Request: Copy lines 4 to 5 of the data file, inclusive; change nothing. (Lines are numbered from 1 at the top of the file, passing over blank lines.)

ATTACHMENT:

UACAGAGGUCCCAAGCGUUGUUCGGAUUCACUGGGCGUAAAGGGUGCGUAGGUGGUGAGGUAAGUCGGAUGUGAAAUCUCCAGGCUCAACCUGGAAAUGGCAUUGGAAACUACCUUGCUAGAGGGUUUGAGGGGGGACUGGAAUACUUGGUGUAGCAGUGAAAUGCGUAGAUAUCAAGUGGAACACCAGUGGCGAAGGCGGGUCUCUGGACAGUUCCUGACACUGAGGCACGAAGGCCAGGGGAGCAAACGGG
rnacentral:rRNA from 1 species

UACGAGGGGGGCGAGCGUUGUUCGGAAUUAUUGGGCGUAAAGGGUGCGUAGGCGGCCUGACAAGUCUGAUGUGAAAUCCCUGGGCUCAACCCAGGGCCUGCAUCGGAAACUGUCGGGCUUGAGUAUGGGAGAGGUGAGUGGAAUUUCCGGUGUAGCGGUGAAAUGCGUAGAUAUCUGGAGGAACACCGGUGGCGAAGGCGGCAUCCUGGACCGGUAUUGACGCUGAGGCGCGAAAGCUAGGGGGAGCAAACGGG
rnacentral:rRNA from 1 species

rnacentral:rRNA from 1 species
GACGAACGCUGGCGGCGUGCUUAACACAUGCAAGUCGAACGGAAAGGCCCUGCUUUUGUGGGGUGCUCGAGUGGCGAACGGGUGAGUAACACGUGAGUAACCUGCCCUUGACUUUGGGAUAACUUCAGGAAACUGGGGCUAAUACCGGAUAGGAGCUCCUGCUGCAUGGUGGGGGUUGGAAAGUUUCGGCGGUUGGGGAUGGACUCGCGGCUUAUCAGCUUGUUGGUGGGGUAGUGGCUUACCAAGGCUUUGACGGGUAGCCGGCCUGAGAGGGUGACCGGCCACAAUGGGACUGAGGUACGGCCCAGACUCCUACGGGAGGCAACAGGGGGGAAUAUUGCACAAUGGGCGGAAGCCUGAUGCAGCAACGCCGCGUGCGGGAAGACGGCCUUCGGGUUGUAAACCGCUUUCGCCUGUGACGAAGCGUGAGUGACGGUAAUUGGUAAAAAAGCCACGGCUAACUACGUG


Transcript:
rnacentral:rRNA from 1 species

rnacentral:rRNA from 1 species